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Trees, flowers & plants

© Jennifer Stern© Jennifer SternIf you are botanically inclined, you will love southern Africa. It covers a vast area encompassing many different biomes and displaying a staggering biodiversity. In fact, a small part of South Africa near Cape Town encompasses the world’s smallest and most diverse plant kingdom and has been declared a world heritage site. Situated in the far southwest of the African continent and influenced by swirling cyclonic weather systems travelling up from the low latitudes, the area around Cape Town has a Mediterranean climate, with hot, windy summers and cool, moist winters, creating a unique floral assemblage. The Cape Floral Region (CFR) covers only 0.2% of the earth’s surface, and is home to 3.6% of the world’s plant species, nearly 70% of which are endemic, ie that occur naturally nowhere else in the world. Of the 9,000 plant species over 1,400 are threatened, and 112 threatened animal species occur in the region. Many of the plants that occur here go to make up the biome known as fynbos, which consists of mostly low-growing aromatic flowering shrubs.

In spring (usually August), the arid areas north of Cape Town are gloriously colourful as thousands of desert and semi-desert plant species enjoy a brief but spectacular flowering season.

But fabulous as the CFR is there is so much more to southern Africa than fynbos and flowers. Most of the sub-continent is situated on a high-lying plateau, between two very different oceans. The Indian Ocean, on the east, is warmed by the Mozambique or Agulhas Current which flows down from the tropics, while the Atlantic, on the west coast, is cooled by the icy Benguela Current which comes up from the Antarctic. These two different oceans, the prevailing wind and the topography of southern Africa combine to create lush forests and subtropical savannah on the east coast, where most of the rain falls, gradually changing to desert or semi-desert on the west coast.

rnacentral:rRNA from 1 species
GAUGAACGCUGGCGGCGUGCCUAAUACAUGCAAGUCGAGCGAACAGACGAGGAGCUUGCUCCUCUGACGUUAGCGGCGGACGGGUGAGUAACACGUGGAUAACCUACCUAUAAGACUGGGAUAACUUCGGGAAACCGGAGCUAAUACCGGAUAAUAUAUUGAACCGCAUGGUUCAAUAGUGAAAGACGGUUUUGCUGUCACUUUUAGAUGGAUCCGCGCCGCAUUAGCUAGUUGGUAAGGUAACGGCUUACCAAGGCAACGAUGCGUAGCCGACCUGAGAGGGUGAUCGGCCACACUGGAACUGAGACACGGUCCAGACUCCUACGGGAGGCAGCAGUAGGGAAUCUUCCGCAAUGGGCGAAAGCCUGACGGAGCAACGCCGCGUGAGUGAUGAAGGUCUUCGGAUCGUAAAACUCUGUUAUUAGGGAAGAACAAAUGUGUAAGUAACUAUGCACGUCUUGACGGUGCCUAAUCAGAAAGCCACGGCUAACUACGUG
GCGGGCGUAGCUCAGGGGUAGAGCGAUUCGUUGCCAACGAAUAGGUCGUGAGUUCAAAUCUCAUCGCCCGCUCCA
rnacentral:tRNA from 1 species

Other floral attractions include wonderful sub-tropical coastal forests, semi-deserts with a phenomenal array of flowering succulents, savannah grasslands with majestic trees, including the iconic baobab, extensive wetlands and some spectacular Afro-montane forests and grasslands. Each of these biomes has its own special attractions, and observant visitors to the reserves and national parks will notice the incredible variety of wonderful plants and trees as well as the animals.

Although there are a few specialised plant tours – most notably in the areas north of Cape Town in spring - the best way of seeing plants is to visit a botanical garden or just pay attention to them as you do other activities. On most game drives, guided walks or hikes and other trails, your guide will point out interesting plants, often describing their traditional uses and medicinal properties. If you really like trees, you should definitely do a tree-top canopy tour.

Sun Mountain Farm

Contact us for accommodation, hikes and camping on a pristine mountain of fynbos. Or make an enquiry.

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